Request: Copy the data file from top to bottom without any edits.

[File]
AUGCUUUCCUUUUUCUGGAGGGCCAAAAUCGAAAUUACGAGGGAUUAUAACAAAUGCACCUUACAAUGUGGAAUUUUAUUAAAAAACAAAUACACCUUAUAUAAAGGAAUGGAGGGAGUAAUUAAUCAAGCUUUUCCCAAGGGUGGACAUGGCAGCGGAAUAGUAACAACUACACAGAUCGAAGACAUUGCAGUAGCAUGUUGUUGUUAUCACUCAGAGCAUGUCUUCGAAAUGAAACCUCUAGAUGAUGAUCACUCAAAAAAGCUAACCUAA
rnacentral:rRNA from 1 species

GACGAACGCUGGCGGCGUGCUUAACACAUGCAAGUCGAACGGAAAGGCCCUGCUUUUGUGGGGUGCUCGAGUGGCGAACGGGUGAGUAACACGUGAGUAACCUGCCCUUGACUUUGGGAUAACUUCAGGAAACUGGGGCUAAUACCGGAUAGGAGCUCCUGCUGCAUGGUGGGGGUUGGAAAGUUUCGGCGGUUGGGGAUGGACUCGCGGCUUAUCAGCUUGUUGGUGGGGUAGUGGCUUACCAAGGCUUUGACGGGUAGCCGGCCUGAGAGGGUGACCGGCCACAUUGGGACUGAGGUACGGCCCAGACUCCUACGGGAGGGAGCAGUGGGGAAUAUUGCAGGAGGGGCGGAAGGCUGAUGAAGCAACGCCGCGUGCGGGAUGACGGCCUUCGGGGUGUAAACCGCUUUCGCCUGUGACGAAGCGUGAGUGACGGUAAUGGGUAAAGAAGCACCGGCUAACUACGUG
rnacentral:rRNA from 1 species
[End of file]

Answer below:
AUGCUUUCCUUUUUCUGGAGGGCCAAAAUCGAAAUUACGAGGGAUUAUAACAAAUGCACCUUACAAUGUGGAAUUUUAUUAAAAAACAAAUACACCUUAUAUAAAGGAAUGGAGGGAGUAAUUAAUCAAGCUUUUCCCAAGGGUGGACAUGGCAGCGGAAUAGUAACAACUACACAGAUCGAAGACAUUGCAGUAGCAUGUUGUUGUUAUCACUCAGAGCAUGUCUUCGAAAUGAAACCUCUAGAUGAUGAUCACUCAAAAAAGCUAACCUAA
rnacentral:rRNA from 1 species

GACGAACGCUGGCGGCGUGCUUAACACAUGCAAGUCGAACGGAAAGGCCCUGCUUUUGUGGGGUGCUCGAGUGGCGAACGGGUGAGUAACACGUGAGUAACCUGCCCUUGACUUUGGGAUAACUUCAGGAAACUGGGGCUAAUACCGGAUAGGAGCUCCUGCUGCAUGGUGGGGGUUGGAAAGUUUCGGCGGUUGGGGAUGGACUCGCGGCUUAUCAGCUUGUUGGUGGGGUAGUGGCUUACCAAGGCUUUGACGGGUAGCCGGCCUGAGAGGGUGACCGGCCACAUUGGGACUGAGGUACGGCCCAGACUCCUACGGGAGGGAGCAGUGGGGAAUAUUGCAGGAGGGGCGGAAGGCUGAUGAAGCAACGCCGCGUGCGGGAUGACGGCCUUCGGGGUGUAAACCGCUUUCGCCUGUGACGAAGCGUGAGUGACGGUAAUGGGUAAAGAAGCACCGGCUAACUACGUG
rnacentral:rRNA from 1 species